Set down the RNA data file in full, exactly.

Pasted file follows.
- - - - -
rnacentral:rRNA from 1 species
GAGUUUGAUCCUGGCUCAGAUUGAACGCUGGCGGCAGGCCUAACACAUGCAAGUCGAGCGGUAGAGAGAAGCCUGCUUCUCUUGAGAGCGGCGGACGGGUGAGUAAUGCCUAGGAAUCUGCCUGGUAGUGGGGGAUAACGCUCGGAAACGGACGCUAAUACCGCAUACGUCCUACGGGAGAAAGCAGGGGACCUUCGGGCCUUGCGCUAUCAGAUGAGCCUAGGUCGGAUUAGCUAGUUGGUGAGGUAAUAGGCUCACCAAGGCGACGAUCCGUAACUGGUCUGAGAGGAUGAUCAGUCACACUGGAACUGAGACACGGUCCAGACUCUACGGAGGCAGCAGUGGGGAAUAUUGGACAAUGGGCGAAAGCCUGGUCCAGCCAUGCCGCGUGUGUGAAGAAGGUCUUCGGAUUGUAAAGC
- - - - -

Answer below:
rnacentral:rRNA from 1 species
GAGUUUGAUCCUGGCUCAGAUUGAACGCUGGCGGCAGGCCUAACACAUGCAAGUCGAGCGGUAGAGAGAAGCCUGCUUCUCUUGAGAGCGGCGGACGGGUGAGUAAUGCCUAGGAAUCUGCCUGGUAGUGGGGGAUAACGCUCGGAAACGGACGCUAAUACCGCAUACGUCCUACGGGAGAAAGCAGGGGACCUUCGGGCCUUGCGCUAUCAGAUGAGCCUAGGUCGGAUUAGCUAGUUGGUGAGGUAAUAGGCUCACCAAGGCGACGAUCCGUAACUGGUCUGAGAGGAUGAUCAGUCACACUGGAACUGAGACACGGUCCAGACUCUACGGAGGCAGCAGUGGGGAAUAUUGGACAAUGGGCGAAAGCCUGGUCCAGCCAUGCCGCGUGUGUGAAGAAGGUCUUCGGAUUGUAAAGC